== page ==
Stephen R. Hasner
Managing Partner at Hasner Law PC
March 27, 2023

Drowsy driving can be as dangerous as drunk driving or distracted driving. Unfortunately, work, home, and other responsibilities can result in sleepless nights, making it dangerous for you to drive.

How Common is Falling Asleep at the Wheel?

Driver fatigue can cause someone to fall asleep at the wheel. You do not need to miss much sleep to increase your risk of falling asleep while driving. According to the CDC, people who slept less than six hours a night were more likely to report falling asleep at the wheel than those who slept more than six hours.

Drowsy driving and falling asleep at the wheel is a common occurrence. However, sources vary on how common the problem is among American drivers. 

The NHTSA estimates that 91,000 crashes involved drowsy drivers in 2017, resulting in nearly 800 traffic fatalities and about 50,000 injuries. 

However, the National Sleep Foundation estimates drowsy driving causes more than 6,400 fatalities each year in the United States. The NSF states that fall-asleep crashes are often the result of voluntarily not getting enough sleep. It is estimated that about 35 percent of drivers do not get the recommended amount of sleep per night (at least seven hours).

The CDC also reports that about 1 in 25 adult drivers report falling asleep while driving in the past 30 days. One survey of 150,000 adults found that four percent of respondents stated they had fallen asleep at least once in the past month. 

Why is Drowsy Driving Dangerous?

Nearly all respondents to a AAA Foundation survey (96 percent) said that drowsy driving was a serious threat to their safety. However, 29 percent of respondents admitted to driving when they were so tired they could barely keep their eyes open.

The respondents were correct: drowsy driving is extremely dangerous. Drivers who miss two to three hours of sleep more than quadruple their risk of a car accident. Briefly closing your eyes while driving is the same as texting while driving, and driving while drowsy is the equivalent of driving with a .08 blood alcohol content. 

Being drowsy or fatigued can result in slower reaction times and trouble focusing. A person may have motor function impairments because of drowsiness. 

Other effects of being drowsy while driving include poor concentration, blurred vision, rolling stops, driving too slowly or too fast, tailgating, and poor judgment when reacting to traffic or road conditions. 

It only takes a second for a car accident to occur. A driver nods off and drifts into another lane of traffic, causing a head-on crash or rear-ends the car in front of them. The driver is so tired they blink for longer and longer periods until they run out of the road, causing a rollover accident

Risk Factors for Drowsy Driving Accidents

Some individuals have a higher risk of falling asleep while driving. Factors that increase a driver’s risk of being involved in a drowsy driving accident include:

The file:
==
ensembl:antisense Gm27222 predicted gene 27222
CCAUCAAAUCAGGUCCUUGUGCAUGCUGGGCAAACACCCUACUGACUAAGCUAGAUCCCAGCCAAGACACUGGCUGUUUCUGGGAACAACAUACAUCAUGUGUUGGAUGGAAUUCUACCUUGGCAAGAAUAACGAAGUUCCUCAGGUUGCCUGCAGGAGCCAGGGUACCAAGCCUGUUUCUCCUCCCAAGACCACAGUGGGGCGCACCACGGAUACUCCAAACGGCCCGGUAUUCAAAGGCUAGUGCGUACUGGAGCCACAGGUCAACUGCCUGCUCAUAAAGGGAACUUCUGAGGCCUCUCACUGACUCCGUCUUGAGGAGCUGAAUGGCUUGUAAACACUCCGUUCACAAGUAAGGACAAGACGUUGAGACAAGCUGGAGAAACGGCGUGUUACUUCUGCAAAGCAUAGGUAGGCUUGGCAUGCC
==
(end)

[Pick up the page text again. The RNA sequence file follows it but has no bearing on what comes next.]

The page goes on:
• Working swing shifts
  • Night shift workers
  • Sleeping less than seven hours each night
  • Taking medications that cause drowsiness
  • Having sleep apnea or another sleep disorder
  • Commercial truck drivers

Getting sufficient rest is one of the best ways to avoid a drowsy driving accident. Knowing the signs of drowsiness can also help. If you experience any of the following signs of drowsiness, it is time to get off the road:

  • Frequent blinking or yawning
  • Missing exits or turns
  • Difficulty remembering the past few miles driven
  • Hitting the rumble strip or running onto the side of the road
  • Drifting into another lane of traffic
  • Suddenly nodding your head

If you nod off while driving, pull over to a safe location and call someone to come pick you up. Rolling down the window, playing loud music, turning on the air conditioner, and drinking caffeine will not wake you up enough to operate the vehicle safely.

Who is Responsible for Damages Caused by a Drowsy Driving Accident?

As with all other traffic accidents in Georgia, the driver who caused the collision is responsible for the damages caused by the crash. Therefore, if the drowsy driver’s actions led to the car wreck, the drowsy driver is liable for your damages.

Damages may include non-economic damages, such as permanent impairments, physical pain and suffering, and emotional distress. Economic damages include medical bills, cost of personal care, and loss of income.

The injuries caused by a car crash can be severe. Make sure that you receive the compensation you deserve by working with an experienced Atlanta fatigued driving accident attorney

Contact the Atlanta Car Wreck Attorneys at Hasner Law PC For Help

For more information, please contact the Atlanta car accident law firm of Hasner Law P.C. at our nearest location to schedule a free consultation today.

We serve in Fulton County, Chatham County, and its surrounding areas:

Hasner Law PC – Atlanta Law Office
2839 Paces Ferry Rd SE #1050
Atlanta, GA 30339
(678) 888-4878

Hasner Law PC – Savannah Law Office
221 W York St
Savannah, GA 31401
(912) 234-2334

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Managing Partner at Hasner Law PC
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Stephen Hasner is the founder and managing partner of Hasner Law PC. Since being licensed in Florida in 1997 and in Georgia in 1999, Stephen has worked tirelessly to help Georgia residents navigate the legal process following a serious injury. This includes injuries sustained at work, in motor vehicle accidents, and in cases of personal injury. The team at Hasner Law is dedicated to securing compensation for their clients who have been injured through no fault of their own.